The Inner World: The Last Wind Monk

Platform(s): Nintendo Switch, PC, PlayStation 4, Xbox One
Genre: Adventure
Publisher: Kalypso (EU), Headup Games (US)
Developer: Studio Fizbin
Release Date: Oct. 20, 2017


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PS4/XOne/PC Preview - 'The Inner World: The Last Wind Monk'

by Thomas Wilde on June 26, 2017 @ 12:00 a.m. PDT

The Inner World: The Last Wind Monk takes players on another crazy journey in the world of Asposia, with the most absurd characters, ingenious puzzles and hilarious encounters around.

I ended up giving The Inner World: The Last Wind Monk one of my "Best of E3 2017" nominations because it's a proper point-and-click adventure game.

That is, it's a game about finding random bits of debris on the ground and figuring out how to use them to solve puzzles. There's some dialogue, but it's not the whole point of the game, and those puzzles are mostly about lateral thinking rather than trying to connect telepathically with the developers' minds. (I've still got beef with that stupid silhouette puzzle in The Longest Journey. It's been more than a decade. I don't care.) Instead, The Last Wind Monk has a pleasantly '80s/'90s feel to its puzzles, where once you figure out their solutions, those solutions actually make some intuitive sense.

The Last Wind Monk is a sequel to 2013's The Inner World. In the last game, Robert defeated his evil foster father Conroy and was promptly petrified for three years. When he's turned back from stone, he discovers that Conroy, far from being remembered as the villain he was, has become a figurehead for a regressive political movement. Now Conroy's a beloved hero, and Robert is a member of an oppressed minority: the flute-noses, without whom life on the world of Asposia is going to grind to a slow, painful stop.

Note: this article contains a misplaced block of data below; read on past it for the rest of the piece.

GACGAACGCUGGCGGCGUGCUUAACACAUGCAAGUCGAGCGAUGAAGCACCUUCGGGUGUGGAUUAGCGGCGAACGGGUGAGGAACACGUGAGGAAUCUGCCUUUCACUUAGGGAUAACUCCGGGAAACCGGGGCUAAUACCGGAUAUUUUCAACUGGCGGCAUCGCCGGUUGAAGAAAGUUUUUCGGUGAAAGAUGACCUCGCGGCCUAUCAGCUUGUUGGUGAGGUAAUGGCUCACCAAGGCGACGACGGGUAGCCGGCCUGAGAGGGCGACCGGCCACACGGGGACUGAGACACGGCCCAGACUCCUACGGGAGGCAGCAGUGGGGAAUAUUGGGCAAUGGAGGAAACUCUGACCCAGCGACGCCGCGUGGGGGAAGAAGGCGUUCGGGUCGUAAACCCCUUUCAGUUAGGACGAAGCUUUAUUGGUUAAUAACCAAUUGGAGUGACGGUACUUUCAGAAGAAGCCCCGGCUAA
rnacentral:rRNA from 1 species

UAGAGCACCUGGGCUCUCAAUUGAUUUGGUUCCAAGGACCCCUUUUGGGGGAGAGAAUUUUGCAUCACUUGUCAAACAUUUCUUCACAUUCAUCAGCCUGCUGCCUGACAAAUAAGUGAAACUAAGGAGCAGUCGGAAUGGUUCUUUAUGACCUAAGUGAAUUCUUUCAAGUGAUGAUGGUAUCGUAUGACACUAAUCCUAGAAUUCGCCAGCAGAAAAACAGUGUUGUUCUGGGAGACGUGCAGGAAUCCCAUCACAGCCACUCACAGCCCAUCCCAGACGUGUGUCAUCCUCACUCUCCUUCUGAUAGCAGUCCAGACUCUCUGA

Robert sets out to set all this right by finding the last wind monk, accompanied by his pigeon friend Peck and a rebel flute-nose named Laura. When either of them are present, you can switch between them and Robert at any time, letting you use Peck to explore distant areas or swap back and forth from Laura to Robert to solve puzzles in different rooms.

You may have played a few point-and-click games before now, but The Last Wind Monk feels like an iteration on the sub-genre. You can push a button to label all the interactive objects on-screen, for example, which takes all the irritating pixel-hunting out of the mixture, and the game has an increasingly blunt built-in hint system, the UI for which reminds me a lot of the cheap white hint books you used to be able to buy for the Sierra adventure games. The Last Wind Monk isn't anywhere near as sadistic as those used to be, however; there are no untimely deaths in it, nor are there ways to get permanently stuck.

The puzzles are going to be immediately familiar if you've got any kind of foundation in the genre. Mostly, it's about picking up anything that isn't nailed down, and if it is nailed down, finding a hammer so you can pry it up. Once it's in your inventory, you then figure out a way to use it to get past your next obstacle, which usually means using it in a way other than it was originally intended. Since it's 2017, this is mixed with a fair bit of information-gathering and the occasional clue from dialogue.

The Last Wind Monk runs on its own sort of gentle cartoon logic, where you end up finding 1,001 uses for the small, fluffy sheep/mice critters that fly around everywhere, a wedge of cheese is dense enough to use as a doorstop, and a big part of one chapter involves trying to figure out how to reach and speak with someone who does not seem wildly discomfited by being duct-taped to a windmill. It has a feel to it, when you see it in motion, like you're playing a particularly eccentric children's book.

I grew up on this sort of adventure game, and it's been disappointing to see the "adventure" genre become more of a guided, interactive tour through a story. The Inner World: The Last Wind Monk is a thoughtful, decidedly weird throwback of a game, and it's the kind of thing I always want to see more of.

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